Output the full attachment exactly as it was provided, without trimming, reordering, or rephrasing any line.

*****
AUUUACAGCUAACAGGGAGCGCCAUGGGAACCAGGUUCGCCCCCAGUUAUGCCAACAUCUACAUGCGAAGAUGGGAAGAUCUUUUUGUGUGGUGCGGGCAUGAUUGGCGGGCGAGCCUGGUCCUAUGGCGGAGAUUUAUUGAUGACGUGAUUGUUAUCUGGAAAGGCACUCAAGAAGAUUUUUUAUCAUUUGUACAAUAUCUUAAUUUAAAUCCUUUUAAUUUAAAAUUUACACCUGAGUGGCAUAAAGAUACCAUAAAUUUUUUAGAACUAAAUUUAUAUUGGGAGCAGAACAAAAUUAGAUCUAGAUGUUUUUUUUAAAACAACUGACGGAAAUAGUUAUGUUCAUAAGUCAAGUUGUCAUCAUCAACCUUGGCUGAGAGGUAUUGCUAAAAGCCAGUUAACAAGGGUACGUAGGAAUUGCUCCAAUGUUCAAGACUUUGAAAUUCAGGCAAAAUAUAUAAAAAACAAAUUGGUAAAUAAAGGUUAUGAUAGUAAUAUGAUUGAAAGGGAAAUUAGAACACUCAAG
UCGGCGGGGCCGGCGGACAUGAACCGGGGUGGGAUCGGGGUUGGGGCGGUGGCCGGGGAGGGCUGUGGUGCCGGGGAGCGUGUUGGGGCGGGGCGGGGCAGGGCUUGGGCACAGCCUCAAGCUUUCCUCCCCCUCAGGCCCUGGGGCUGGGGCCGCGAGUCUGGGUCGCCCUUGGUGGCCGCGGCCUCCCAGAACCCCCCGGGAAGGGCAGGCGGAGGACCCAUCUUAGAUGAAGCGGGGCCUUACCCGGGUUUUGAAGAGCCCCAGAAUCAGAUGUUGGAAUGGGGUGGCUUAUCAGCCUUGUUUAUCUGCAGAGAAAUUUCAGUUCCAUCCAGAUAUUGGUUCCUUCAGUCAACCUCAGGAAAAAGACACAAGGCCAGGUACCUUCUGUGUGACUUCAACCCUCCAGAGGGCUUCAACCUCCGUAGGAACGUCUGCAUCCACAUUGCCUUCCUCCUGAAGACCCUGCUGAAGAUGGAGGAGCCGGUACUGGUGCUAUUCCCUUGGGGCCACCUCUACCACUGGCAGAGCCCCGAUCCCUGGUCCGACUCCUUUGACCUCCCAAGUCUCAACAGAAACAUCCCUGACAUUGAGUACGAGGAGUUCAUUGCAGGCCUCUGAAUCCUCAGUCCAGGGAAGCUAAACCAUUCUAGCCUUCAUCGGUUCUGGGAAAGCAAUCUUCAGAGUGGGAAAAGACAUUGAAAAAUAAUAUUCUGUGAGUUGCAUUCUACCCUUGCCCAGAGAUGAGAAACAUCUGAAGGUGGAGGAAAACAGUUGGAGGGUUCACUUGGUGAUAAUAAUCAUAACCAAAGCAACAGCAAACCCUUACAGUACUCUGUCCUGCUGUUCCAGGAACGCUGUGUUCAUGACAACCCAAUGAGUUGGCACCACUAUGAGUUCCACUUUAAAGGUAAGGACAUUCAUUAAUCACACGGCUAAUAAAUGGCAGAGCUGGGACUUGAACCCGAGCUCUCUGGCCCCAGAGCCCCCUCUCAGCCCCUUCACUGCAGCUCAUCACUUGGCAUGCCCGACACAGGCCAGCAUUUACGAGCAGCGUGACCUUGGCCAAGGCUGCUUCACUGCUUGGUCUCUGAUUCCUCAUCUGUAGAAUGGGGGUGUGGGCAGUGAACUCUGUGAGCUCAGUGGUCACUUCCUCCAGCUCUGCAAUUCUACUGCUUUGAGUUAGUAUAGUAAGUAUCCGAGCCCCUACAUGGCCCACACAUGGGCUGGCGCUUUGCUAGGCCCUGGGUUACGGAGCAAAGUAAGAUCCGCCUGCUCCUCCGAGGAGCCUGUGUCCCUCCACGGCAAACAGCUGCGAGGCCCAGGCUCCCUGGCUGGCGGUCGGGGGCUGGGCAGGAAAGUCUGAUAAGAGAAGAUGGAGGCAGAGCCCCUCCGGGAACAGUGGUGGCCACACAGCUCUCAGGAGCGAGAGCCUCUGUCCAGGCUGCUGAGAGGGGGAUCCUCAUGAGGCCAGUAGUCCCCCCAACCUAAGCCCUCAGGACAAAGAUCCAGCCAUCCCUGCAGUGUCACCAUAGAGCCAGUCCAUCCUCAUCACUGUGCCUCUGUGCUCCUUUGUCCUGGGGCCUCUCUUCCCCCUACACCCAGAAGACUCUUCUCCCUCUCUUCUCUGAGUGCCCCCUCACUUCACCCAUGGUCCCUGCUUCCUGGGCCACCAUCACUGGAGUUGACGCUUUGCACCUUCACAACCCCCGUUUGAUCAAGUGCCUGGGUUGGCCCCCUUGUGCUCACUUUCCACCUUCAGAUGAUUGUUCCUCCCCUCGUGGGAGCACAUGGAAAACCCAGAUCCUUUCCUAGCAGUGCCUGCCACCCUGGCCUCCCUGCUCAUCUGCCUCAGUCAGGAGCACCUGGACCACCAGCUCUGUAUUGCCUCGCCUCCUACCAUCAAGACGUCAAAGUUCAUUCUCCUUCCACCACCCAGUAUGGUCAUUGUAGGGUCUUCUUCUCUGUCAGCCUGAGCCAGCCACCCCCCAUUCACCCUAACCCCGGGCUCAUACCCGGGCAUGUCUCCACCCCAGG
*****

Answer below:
AUUUACAGCUAACAGGGAGCGCCAUGGGAACCAGGUUCGCCCCCAGUUAUGCCAACAUCUACAUGCGAAGAUGGGAAGAUCUUUUUGUGUGGUGCGGGCAUGAUUGGCGGGCGAGCCUGGUCCUAUGGCGGAGAUUUAUUGAUGACGUGAUUGUUAUCUGGAAAGGCACUCAAGAAGAUUUUUUAUCAUUUGUACAAUAUCUUAAUUUAAAUCCUUUUAAUUUAAAAUUUACACCUGAGUGGCAUAAAGAUACCAUAAAUUUUUUAGAACUAAAUUUAUAUUGGGAGCAGAACAAAAUUAGAUCUAGAUGUUUUUUUUAAAACAACUGACGGAAAUAGUUAUGUUCAUAAGUCAAGUUGUCAUCAUCAACCUUGGCUGAGAGGUAUUGCUAAAAGCCAGUUAACAAGGGUACGUAGGAAUUGCUCCAAUGUUCAAGACUUUGAAAUUCAGGCAAAAUAUAUAAAAAACAAAUUGGUAAAUAAAGGUUAUGAUAGUAAUAUGAUUGAAAGGGAAAUUAGAACACUCAAG
UCGGCGGGGCCGGCGGACAUGAACCGGGGUGGGAUCGGGGUUGGGGCGGUGGCCGGGGAGGGCUGUGGUGCCGGGGAGCGUGUUGGGGCGGGGCGGGGCAGGGCUUGGGCACAGCCUCAAGCUUUCCUCCCCCUCAGGCCCUGGGGCUGGGGCCGCGAGUCUGGGUCGCCCUUGGUGGCCGCGGCCUCCCAGAACCCCCCGGGAAGGGCAGGCGGAGGACCCAUCUUAGAUGAAGCGGGGCCUUACCCGGGUUUUGAAGAGCCCCAGAAUCAGAUGUUGGAAUGGGGUGGCUUAUCAGCCUUGUUUAUCUGCAGAGAAAUUUCAGUUCCAUCCAGAUAUUGGUUCCUUCAGUCAACCUCAGGAAAAAGACACAAGGCCAGGUACCUUCUGUGUGACUUCAACCCUCCAGAGGGCUUCAACCUCCGUAGGAACGUCUGCAUCCACAUUGCCUUCCUCCUGAAGACCCUGCUGAAGAUGGAGGAGCCGGUACUGGUGCUAUUCCCUUGGGGCCACCUCUACCACUGGCAGAGCCCCGAUCCCUGGUCCGACUCCUUUGACCUCCCAAGUCUCAACAGAAACAUCCCUGACAUUGAGUACGAGGAGUUCAUUGCAGGCCUCUGAAUCCUCAGUCCAGGGAAGCUAAACCAUUCUAGCCUUCAUCGGUUCUGGGAAAGCAAUCUUCAGAGUGGGAAAAGACAUUGAAAAAUAAUAUUCUGUGAGUUGCAUUCUACCCUUGCCCAGAGAUGAGAAACAUCUGAAGGUGGAGGAAAACAGUUGGAGGGUUCACUUGGUGAUAAUAAUCAUAACCAAAGCAACAGCAAACCCUUACAGUACUCUGUCCUGCUGUUCCAGGAACGCUGUGUUCAUGACAACCCAAUGAGUUGGCACCACUAUGAGUUCCACUUUAAAGGUAAGGACAUUCAUUAAUCACACGGCUAAUAAAUGGCAGAGCUGGGACUUGAACCCGAGCUCUCUGGCCCCAGAGCCCCCUCUCAGCCCCUUCACUGCAGCUCAUCACUUGGCAUGCCCGACACAGGCCAGCAUUUACGAGCAGCGUGACCUUGGCCAAGGCUGCUUCACUGCUUGGUCUCUGAUUCCUCAUCUGUAGAAUGGGGGUGUGGGCAGUGAACUCUGUGAGCUCAGUGGUCACUUCCUCCAGCUCUGCAAUUCUACUGCUUUGAGUUAGUAUAGUAAGUAUCCGAGCCCCUACAUGGCCCACACAUGGGCUGGCGCUUUGCUAGGCCCUGGGUUACGGAGCAAAGUAAGAUCCGCCUGCUCCUCCGAGGAGCCUGUGUCCCUCCACGGCAAACAGCUGCGAGGCCCAGGCUCCCUGGCUGGCGGUCGGGGGCUGGGCAGGAAAGUCUGAUAAGAGAAGAUGGAGGCAGAGCCCCUCCGGGAACAGUGGUGGCCACACAGCUCUCAGGAGCGAGAGCCUCUGUCCAGGCUGCUGAGAGGGGGAUCCUCAUGAGGCCAGUAGUCCCCCCAACCUAAGCCCUCAGGACAAAGAUCCAGCCAUCCCUGCAGUGUCACCAUAGAGCCAGUCCAUCCUCAUCACUGUGCCUCUGUGCUCCUUUGUCCUGGGGCCUCUCUUCCCCCUACACCCAGAAGACUCUUCUCCCUCUCUUCUCUGAGUGCCCCCUCACUUCACCCAUGGUCCCUGCUUCCUGGGCCACCAUCACUGGAGUUGACGCUUUGCACCUUCACAACCCCCGUUUGAUCAAGUGCCUGGGUUGGCCCCCUUGUGCUCACUUUCCACCUUCAGAUGAUUGUUCCUCCCCUCGUGGGAGCACAUGGAAAACCCAGAUCCUUUCCUAGCAGUGCCUGCCACCCUGGCCUCCCUGCUCAUCUGCCUCAGUCAGGAGCACCUGGACCACCAGCUCUGUAUUGCCUCGCCUCCUACCAUCAAGACGUCAAAGUUCAUUCUCCUUCCACCACCCAGUAUGGUCAUUGUAGGGUCUUCUUCUCUGUCAGCCUGAGCCAGCCACCCCCCAUUCACCCUAACCCCGGGCUCAUACCCGGGCAUGUCUCCACCCCAGG